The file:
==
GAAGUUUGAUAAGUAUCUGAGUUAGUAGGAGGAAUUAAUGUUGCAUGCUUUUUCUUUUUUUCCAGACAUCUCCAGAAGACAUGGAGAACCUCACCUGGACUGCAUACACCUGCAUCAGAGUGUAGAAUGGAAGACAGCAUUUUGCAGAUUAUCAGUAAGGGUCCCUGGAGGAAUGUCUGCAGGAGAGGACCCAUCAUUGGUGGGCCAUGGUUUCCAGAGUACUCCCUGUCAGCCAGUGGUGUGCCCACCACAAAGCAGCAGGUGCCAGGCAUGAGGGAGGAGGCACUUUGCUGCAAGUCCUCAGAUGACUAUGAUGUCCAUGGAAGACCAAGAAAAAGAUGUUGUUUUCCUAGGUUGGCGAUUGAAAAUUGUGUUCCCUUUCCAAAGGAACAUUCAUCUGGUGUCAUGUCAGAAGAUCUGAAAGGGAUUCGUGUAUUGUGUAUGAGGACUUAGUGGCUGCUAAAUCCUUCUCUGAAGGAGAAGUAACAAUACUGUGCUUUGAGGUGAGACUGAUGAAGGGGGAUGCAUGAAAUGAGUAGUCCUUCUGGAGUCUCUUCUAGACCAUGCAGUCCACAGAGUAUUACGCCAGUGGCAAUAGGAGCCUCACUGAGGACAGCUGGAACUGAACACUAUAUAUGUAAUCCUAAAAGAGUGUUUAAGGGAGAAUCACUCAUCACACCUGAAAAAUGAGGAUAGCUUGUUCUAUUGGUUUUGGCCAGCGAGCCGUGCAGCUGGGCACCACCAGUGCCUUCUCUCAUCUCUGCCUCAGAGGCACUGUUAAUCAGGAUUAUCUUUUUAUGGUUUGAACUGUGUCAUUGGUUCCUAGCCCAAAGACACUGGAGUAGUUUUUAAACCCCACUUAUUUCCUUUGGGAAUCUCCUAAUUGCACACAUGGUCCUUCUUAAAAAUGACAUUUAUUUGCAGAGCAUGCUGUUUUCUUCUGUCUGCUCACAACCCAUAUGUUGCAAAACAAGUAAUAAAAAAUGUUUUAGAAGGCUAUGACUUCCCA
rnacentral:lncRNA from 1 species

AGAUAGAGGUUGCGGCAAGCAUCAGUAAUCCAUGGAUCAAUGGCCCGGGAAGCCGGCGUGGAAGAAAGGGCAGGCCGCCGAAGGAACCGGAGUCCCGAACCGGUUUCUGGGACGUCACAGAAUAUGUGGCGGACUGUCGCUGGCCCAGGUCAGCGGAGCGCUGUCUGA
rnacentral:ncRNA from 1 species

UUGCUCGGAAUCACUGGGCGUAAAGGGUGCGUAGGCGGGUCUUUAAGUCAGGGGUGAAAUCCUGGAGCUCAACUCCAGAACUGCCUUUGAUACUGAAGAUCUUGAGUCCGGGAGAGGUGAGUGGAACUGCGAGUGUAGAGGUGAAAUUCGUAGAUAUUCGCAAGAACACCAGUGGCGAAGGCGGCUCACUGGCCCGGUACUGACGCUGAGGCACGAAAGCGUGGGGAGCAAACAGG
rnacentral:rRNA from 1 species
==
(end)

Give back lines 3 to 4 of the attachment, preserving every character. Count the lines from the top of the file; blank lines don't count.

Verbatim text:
AGAUAGAGGUUGCGGCAAGCAUCAGUAAUCCAUGGAUCAAUGGCCCGGGAAGCCGGCGUGGAAGAAAGGGCAGGCCGCCGAAGGAACCGGAGUCCCGAACCGGUUUCUGGGACGUCACAGAAUAUGUGGCGGACUGUCGCUGGCCCAGGUCAGCGGAGCGCUGUCUGA
rnacentral:ncRNA from 1 species